Software review: Viewpath Express

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Viewpath 2.0 is web-based project management tool. Earlier this month the company announced at the Office 2.0 Conference in San Francisco that it was making Viewpath Express free and available to anyone. They can do this because there are adverts all down the right hand side of the page. They also have another version, Viewpath Standard, which currently costs $10.95 per month per user. I tried out the Express version.

Getting started is easy: it’s just registering for an account. All your team will need to login to have access. When your team is set up, it’s straightforward to create a project.

Viewpath defaults to the typical Gantt chart view that MS Project users will be familiar with. You can drag and drop to move columns and double-clicking allows you to edit the tasks in line without having to open a dialogue box. You can have fractions of a day, which Easy Projects .NET doesn’t do. There are some great keyboard shortcuts in Viewpath too – t for example will create a new task and tab will indent sub-tasks. You can also attach documents to tasks and (although I didn’t test it) these can be made available only to selected users. Auto-scroll means when you select a task the Gantt pane shuffles along too so you always have a graphical view of when that task fits with everything else.

Viewpath Gantt chart
The video tutorial I watched showed tasks being created with automatic work breakdown structure numbering, but when I created a project this wasn’t the case. Maybe this feature is only available in the paid-for version. WBS is not something I use in MS Project anyway, so I could live without it.

Once my tasks were in, I tried to create some dependencies. I got a strange error message when I tried to link 8 tasks in a row, maybe because one of them didn’t have a name. When I refreshed the screen I had lost all my dependencies, even ones I created after the error message. This is a concern, because the error message did not stop me doing anything, but my data after that point had not been saved. It all went a bit skewy and in the end I started a new project from scratch, and made sure that I didn’t try to work on tasks that didn’t have names.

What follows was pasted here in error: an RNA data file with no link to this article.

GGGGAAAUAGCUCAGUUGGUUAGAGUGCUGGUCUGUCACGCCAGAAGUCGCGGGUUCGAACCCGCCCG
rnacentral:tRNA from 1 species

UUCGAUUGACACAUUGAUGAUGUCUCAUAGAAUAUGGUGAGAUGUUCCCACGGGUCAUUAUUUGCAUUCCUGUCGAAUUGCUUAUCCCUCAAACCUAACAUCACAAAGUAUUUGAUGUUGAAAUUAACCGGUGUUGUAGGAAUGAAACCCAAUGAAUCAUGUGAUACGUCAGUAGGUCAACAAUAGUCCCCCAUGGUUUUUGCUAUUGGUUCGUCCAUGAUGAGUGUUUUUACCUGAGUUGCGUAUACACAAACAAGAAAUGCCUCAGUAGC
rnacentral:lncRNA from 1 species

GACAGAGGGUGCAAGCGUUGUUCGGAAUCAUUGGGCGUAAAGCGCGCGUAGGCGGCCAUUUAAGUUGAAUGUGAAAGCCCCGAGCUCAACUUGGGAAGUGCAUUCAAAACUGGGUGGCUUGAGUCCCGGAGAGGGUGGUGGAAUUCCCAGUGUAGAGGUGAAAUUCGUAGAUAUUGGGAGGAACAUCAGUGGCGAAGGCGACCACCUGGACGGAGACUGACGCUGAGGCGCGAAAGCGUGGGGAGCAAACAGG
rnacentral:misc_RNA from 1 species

You also have to manage your own start-to-start and finish-to-finish dependencies. The options on the dependency menu are ‘link top to bottom’ or ‘link bottom to top’. It’s just a different way of thinking about them, but I couldn’t work out how to get two consecutive tasks to start at the same time: I created a summary task and then hung all the start-to-start dependencies off the end of it. When I unlinked tasks they didn’t move back to their pre-linked position. The dependency was gone but the date of the task didn’t change.

Viewpath also has a ‘My Viewpath’ view which defaults to your to do list for that day across all projects. You cannot search the online help so it took a while to find out that a ‘blocked’ task on my personal to do list is one that is dependent on another and not anything to worry about. It also shows tasks on my list even if I marked them complete, but you can change the view to show ‘none’ of the completed actions. Click an action on the to do list and it will take you to the project. This function is designed to consolidate activity across multiple projects and help manage multiple priorities – which is good, as people rarely have just one thing that they are working on at any one time. Personally, my to do list is on paper, and that works just fine for me.

I do like the idea of being able to schedule events as distinct form tasks, so you could put in all your steering group meetings for example. Task and event information can be sent to people by email, notifying them that they have been invited or allocated to do work. Event information does not synchronise with Outlook, although this is apparently coming.
Viewpath Today view
Viewpath is OK, but it’s nothing special. The good thing about it is that the Express edition is free. Teams just starting out with project management, or people wanting to learn more about scheduling without investing in something more expensive. Viewpath gives the example in one of their press releases that it works for brides wanting to share information with their catering company: this would be a great use for it. Web-based software has the advantage of being able to easily include people in different companies. It’s a good tool for small companies or teams but I think that large organisations and project and programme managers leading significant initiatives would need an enterprise solution with more flexibility and functionality – and Viewpath agree.

I also interviewed Viewpath CEO Dean Carlson, and the interview will appear here on 18 September: check back to see what he has to say about the future of project management technology and how Viewpath positions itself with regards to Microsoft.